In the year 2025
PC and Hypertext will give everybody an IQ from 300
More: Ted Nelson
Wisdom may come with age, but so too does an inexorable decline in cognitive abilities IQ. Whether it is speed of processing, working or long-term memory, it all starts to go downhill as people move into their 30s, and continues as they enter their 40s and beyond.
Let´s take a look at IQ Definition and possibilities to improve it.
Wikipedia IQ Definition
An intelligence quotient (IQ) is a total score derived from several standardized tests designed to assess human intelligence. The abbreviation “IQ” was coined by the psychologist William Stern for the German term Intelligenzquotient, his term for a scoring method for intelligence tests at University of Breslau he advocated in a 1912 book. Historically, IQ is a score obtained by dividing a person’s mental age score, obtained by administering an intelligence test, by the person’s chronological age, both expressed in terms of years and months. The resulting fraction is multiplied by 100 to obtain the IQ score. When current IQ tests were developed, the median raw score of the norming sample is defined as IQ 100 and scores each standard deviation (SD) up or down are defined as 15 IQ points greater or less, although this was not always so historically. By this definition, approximately two-thirds of the population scores are between IQ 85 and IQ 115. About 2.5 percent of the population scores above 130, and 2.5 percent below 70.
Brainmetrix IQ Defintion
IQ is a number meant to measure people cognitive abilities (intelligence) in relation to their age group. An I.Q between 90 and 110 is considered average; over 120, superior.
Roughly 68% of the population has an IQ between 85 and 115. The average range between 70 and 130, and represents about 95% of the population. A score below 70 may indicate problems in understanding the iQ questions or some type of learning disability, and a score above 130 may indicate intellectual giftedness.
1% of the population has an IQ of 136 or higher. However, an individual scoring 100 within one population can score above or below that value within another population, for example, the Japanese are supposed to have the highest average IQ in the world (115), but this 115 can only be an average of 100 within their own population.
The highest IQ was 228, according to Guinness Book of Records, this score belongs to the ‘smartest’ person in the world Marilyn vos Savant who scored it when she was 10 year old. This would, according to recent research, correspond to about IQ 185 at adult age. That score is, at least, surpassed by the chess player and champion Bobby Fisher which was 187, and Kim Ung-Yong (S. Korea) with a score over 200.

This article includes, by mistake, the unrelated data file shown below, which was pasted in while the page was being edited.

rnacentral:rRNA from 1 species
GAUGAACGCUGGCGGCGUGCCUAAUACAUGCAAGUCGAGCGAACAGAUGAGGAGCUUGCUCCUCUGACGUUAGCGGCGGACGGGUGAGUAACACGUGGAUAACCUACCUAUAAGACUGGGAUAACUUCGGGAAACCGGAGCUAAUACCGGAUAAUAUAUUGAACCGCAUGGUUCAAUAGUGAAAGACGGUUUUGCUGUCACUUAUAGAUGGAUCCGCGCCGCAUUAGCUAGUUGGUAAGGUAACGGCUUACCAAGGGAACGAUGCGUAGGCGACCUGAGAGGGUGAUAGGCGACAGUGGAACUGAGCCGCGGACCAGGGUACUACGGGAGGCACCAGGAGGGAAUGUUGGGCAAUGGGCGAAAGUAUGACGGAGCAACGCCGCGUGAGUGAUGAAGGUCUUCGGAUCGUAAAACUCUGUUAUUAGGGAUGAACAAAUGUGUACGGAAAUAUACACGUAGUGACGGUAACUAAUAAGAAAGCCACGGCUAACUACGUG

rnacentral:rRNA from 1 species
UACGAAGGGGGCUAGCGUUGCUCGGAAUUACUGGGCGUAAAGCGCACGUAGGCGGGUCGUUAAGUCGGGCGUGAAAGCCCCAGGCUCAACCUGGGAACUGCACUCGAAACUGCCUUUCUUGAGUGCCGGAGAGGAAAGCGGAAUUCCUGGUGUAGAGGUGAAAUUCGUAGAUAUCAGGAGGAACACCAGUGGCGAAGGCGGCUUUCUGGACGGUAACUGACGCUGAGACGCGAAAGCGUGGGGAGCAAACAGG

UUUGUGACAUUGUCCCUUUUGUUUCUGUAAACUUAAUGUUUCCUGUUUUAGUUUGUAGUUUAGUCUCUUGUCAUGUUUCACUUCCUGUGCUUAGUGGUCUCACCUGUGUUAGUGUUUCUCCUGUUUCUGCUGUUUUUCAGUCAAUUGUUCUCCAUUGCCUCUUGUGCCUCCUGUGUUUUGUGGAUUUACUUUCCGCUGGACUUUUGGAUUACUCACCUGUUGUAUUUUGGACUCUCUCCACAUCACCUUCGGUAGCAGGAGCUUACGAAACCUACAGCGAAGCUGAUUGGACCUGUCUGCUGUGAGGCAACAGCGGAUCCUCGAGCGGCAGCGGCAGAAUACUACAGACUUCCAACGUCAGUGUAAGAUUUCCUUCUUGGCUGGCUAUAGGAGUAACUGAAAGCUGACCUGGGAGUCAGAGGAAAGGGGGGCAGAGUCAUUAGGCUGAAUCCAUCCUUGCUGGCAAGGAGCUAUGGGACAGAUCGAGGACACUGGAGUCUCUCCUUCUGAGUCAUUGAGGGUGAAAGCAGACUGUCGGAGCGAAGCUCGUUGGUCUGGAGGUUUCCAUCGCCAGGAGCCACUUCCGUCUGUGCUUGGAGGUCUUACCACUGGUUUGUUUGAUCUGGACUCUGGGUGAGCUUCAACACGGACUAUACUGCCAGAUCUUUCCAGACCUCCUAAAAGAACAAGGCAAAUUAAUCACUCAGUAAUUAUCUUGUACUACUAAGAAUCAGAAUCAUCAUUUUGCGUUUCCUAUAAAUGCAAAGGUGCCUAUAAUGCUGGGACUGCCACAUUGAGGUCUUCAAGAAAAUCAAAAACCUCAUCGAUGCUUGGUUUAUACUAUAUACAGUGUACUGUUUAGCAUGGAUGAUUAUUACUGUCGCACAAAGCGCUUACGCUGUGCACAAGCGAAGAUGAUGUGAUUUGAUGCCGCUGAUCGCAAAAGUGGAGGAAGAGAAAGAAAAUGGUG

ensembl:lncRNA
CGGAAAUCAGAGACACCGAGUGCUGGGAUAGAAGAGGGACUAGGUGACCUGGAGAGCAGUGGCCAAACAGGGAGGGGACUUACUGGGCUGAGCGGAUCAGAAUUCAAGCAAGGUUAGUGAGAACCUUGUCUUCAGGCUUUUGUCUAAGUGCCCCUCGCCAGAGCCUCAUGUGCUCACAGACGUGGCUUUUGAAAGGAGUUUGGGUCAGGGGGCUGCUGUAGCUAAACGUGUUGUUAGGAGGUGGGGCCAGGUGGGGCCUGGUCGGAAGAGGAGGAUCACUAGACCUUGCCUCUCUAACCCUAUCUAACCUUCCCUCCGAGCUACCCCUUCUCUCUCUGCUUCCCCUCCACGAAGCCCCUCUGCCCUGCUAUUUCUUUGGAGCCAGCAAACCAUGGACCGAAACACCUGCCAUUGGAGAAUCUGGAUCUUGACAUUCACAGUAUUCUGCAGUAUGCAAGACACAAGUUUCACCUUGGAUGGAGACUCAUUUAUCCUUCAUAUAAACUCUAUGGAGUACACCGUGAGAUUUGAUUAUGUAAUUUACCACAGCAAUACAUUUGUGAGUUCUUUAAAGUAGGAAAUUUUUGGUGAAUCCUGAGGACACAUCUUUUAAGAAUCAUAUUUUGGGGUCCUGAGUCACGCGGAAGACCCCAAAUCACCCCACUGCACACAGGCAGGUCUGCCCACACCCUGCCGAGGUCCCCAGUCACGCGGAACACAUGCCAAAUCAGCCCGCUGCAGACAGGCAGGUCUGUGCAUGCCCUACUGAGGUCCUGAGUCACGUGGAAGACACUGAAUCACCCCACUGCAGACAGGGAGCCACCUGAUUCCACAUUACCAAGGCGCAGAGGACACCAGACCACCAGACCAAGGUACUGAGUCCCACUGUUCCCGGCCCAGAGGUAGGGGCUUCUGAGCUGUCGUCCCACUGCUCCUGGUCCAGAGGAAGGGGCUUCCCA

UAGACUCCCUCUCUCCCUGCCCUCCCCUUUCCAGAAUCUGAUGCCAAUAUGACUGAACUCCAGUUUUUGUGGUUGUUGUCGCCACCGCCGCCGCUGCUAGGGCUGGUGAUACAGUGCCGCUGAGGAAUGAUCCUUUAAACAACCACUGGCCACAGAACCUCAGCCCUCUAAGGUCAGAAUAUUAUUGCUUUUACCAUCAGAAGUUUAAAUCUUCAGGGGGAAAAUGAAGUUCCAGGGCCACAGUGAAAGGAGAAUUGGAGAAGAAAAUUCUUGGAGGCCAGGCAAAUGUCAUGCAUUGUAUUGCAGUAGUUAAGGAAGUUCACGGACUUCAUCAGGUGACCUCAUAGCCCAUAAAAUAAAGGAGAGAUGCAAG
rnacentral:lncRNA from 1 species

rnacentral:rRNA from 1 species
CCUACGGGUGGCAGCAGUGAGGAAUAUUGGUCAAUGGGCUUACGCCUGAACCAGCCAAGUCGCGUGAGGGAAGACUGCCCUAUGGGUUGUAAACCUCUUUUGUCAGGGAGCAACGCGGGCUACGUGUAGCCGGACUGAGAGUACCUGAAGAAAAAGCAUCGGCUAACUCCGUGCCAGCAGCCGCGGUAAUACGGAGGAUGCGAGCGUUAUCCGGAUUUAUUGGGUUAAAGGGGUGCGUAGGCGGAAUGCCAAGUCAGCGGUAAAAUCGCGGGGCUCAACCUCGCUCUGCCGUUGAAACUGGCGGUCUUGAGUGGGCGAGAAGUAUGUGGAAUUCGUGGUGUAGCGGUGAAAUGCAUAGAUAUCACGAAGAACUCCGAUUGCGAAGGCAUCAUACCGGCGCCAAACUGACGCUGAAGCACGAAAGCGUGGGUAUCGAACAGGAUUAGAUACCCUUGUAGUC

What constitutes a person´s IQ.
The term IQ, or Intelligence Quotient, generally describes a score on a test that rates the subject’s cognitive ability as compared to the general population. IQ tests use a standardized scale with 100 as the median score. On most tests, a score between 90 and 110, or the median plus or minus 10, indicates average intelligence. A score above 130 indicates exceptional intelligence and a score below 70 may indicate mental retardation. Like their predecessors, modern tests do take in to account the age of a child when determining an IQ score. Children are graded relative to the population at their developmental level.
What is this cognitive ability being measured? Simply put, IQ tests are designed to measure your general ability to solve problems and understand concepts. This includes reasoning ability, problem-solving ability, ability to perceive relationships between things and ability to store and retrieve information. IQ tests measure this general intellectual ability in a number of different ways.
They may test:
-spatial ability: the ability to visualize manipulation of shapes
-mathematical ability: the ability to solve problems and use logic
-language ability: This could include the ability to complete sentences or recognize words when letters have been rearranged or removed.
-memory ability: the ability to recall things presented either visually or aurally
Questions in each of these categories test for a specific cognitive ability, but many psychologists hold that they also indicate general intellectual ability. Most people perform better on one type of question than on others, but experts have determined that for the most part people who excel in one category do similarly well in the other categories, and if someone does poorly in any one category, he also does poorly in the others. Based on this, these experts theorize there is one general element of intellectual ability that determines other specific cognitive abilities. Ideally, an IQ test measures this general factor of intelligence, abbreviated as g. The best tests, therefore, feature questions from many categories of intellectual ability so that the test isn’t weighted toward one specific skill.
Because IQ tests measure your ability to understand ideas and not the quantity of your knowledge, learning new information does not automatically increase your IQ. Learning may exercise your mind, however, which could help you to develop greater cognitive skills, but scientists do not fully understand this relationship. The connection between learning and mental ability is still largely unknown, as are the workings of the brain and the nature of intellectual ability. Intellectual ability does seem to depend more on genetic factors than on environmental factors, but most experts agree that environment plays some significant role in its development.